forcings. Much of the current understanding of radiative forcing and other forcing concepts has been obtained from climate models. To improve this understanding, routine observations of climate forcings will be essential, both as a record of change in the climate system and as a critical constraint for climate models.
The major long-lived greenhouse gases (carbon dioxide [CO2], methane [CH4], nitrous oxide [N2O], and halocarbons) are all extensively observed by surface networks such as the National Oceanic and Atmospheric Administration (NOAA) Climate Monitoring and Diagnostics Laboratory (CMDL) and the Atmospheric Lifetime Experiment (ALE)/Global Atmospheric Gases Experiment (GAGE). All have sufficiently long lifetimes to be well mixed in the atmosphere. Their spectroscopy is also well established. Radiative forcings can thus be assessed with confidence.
There is, however, a strong impetus to improve the observational system for these gases in order to constrain inverse model analyses of their regional budgets. For example, many analyses have used the large-scale gradients of CO2 measured from the surface networks to constrain the global carbon budget and quantify the terrestrial sink at northern midlatitudes. However, they have not been successful in determining the longitudinal distribution of the carbon sink among the three northern mid-latitude continents. The International Geosphere-Biosphere Programme (IGBP) TransCom activity (http://transcom.colostate.edu/) has provided a forum for standardizing and comparing these inverse model analyses, but model transport errors ultimately limit their ability to exploit the relatively sparse surface air observations in terms of regionally resolved source and sink constraints (Gurney et al., 2002).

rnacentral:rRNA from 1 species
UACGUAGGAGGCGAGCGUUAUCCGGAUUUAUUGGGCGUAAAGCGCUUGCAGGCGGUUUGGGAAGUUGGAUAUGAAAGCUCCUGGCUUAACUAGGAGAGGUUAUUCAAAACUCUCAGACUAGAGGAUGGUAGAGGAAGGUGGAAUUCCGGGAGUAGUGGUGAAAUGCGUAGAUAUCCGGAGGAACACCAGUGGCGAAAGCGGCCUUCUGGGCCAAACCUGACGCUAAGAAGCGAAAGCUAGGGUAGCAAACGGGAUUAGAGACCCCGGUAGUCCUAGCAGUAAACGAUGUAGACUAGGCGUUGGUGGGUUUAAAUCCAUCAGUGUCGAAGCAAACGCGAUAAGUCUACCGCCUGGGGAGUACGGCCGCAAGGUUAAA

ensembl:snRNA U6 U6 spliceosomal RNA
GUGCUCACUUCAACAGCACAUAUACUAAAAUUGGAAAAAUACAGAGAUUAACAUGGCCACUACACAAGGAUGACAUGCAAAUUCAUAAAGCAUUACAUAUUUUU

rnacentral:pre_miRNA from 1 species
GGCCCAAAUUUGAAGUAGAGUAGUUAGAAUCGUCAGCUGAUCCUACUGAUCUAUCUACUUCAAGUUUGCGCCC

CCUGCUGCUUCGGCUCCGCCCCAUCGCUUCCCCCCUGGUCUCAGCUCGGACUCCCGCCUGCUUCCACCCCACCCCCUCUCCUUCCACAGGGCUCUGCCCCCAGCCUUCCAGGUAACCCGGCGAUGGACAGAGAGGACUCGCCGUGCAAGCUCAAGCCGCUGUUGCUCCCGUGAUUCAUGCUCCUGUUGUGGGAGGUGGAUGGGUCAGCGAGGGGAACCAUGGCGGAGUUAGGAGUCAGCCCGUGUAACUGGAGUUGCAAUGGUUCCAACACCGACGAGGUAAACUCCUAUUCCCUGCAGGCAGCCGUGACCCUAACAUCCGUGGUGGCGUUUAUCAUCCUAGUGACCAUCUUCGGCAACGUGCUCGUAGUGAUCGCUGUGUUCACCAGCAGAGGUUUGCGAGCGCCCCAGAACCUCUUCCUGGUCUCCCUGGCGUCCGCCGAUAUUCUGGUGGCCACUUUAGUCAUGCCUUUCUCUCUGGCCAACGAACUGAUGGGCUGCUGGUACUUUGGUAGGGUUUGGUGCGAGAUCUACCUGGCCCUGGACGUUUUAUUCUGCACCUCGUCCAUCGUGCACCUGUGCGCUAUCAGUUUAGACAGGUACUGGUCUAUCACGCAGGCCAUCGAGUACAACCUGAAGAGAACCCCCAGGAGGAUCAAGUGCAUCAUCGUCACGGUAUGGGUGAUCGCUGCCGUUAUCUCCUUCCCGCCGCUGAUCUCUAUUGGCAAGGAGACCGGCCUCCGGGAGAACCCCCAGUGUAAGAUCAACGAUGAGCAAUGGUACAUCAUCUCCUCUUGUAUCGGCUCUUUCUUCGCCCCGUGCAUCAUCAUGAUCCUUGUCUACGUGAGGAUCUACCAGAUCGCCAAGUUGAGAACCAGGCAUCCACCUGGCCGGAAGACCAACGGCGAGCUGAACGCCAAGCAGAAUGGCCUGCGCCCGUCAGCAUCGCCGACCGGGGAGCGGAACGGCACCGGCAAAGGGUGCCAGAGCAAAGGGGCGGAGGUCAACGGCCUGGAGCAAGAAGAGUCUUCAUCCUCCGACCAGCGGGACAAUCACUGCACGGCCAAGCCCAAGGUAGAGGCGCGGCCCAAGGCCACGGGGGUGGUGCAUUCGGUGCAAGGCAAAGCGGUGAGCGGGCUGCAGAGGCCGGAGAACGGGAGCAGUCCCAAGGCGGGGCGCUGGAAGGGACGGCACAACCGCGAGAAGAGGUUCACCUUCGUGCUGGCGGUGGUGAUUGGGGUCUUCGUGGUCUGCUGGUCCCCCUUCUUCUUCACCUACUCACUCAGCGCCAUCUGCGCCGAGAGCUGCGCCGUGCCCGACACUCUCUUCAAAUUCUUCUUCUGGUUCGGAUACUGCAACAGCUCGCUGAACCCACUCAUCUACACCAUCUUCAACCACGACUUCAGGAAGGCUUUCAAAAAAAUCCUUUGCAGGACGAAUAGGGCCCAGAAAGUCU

Better understanding of terrestrial uptake is critically needed for future projections of CO2 concentrations (IPCC, 2001). An extensive network of CO2 flux measurement towers has been deployed worldwide in recent years and is coordinated through the FLUXNET activity (Baldocchi et al., 2001). It includes in particular the AmeriFlux network in North America (http://public.ornl.gov/ameriflux/). These measurements provide direct observations of the terrestrial component of the carbon budget and also the biogeochemical constraints needed to interpret these observations. However, it has not been clear how to integrate them into large-scale inverse model analyses. The North American Carbon Program (NACP) outlines a strategy for doing so, involving in particular the use of aircraft observations to scale up the tower flux observations and providing a linkage to the global observation network (Wofsy and Harriss, 2002; Denning et al., 2003).
Global mapping of CO2 concentrations from space would greatly im-